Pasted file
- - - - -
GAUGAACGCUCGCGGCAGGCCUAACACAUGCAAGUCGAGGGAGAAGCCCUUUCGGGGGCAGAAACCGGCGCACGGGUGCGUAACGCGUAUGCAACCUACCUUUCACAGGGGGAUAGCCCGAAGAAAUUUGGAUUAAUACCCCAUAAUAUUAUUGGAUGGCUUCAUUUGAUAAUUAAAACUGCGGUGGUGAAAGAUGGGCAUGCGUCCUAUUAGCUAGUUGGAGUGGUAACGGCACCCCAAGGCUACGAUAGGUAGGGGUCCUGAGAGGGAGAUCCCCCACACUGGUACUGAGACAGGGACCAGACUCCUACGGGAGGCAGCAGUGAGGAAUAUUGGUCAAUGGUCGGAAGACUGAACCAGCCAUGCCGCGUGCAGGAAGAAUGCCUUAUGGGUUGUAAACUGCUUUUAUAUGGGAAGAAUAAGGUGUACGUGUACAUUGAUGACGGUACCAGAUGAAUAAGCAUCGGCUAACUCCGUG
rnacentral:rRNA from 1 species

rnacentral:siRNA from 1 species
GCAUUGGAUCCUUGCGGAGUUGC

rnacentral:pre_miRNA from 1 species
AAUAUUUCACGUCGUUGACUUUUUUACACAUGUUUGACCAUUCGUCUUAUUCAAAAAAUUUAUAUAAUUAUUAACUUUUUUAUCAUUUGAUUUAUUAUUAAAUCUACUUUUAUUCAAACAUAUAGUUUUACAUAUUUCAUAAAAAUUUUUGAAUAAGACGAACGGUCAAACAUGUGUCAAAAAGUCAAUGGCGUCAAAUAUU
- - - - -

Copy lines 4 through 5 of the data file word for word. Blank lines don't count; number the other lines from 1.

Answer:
GCAUUGGAUCCUUGCGGAGUUGC

rnacentral:pre_miRNA from 1 species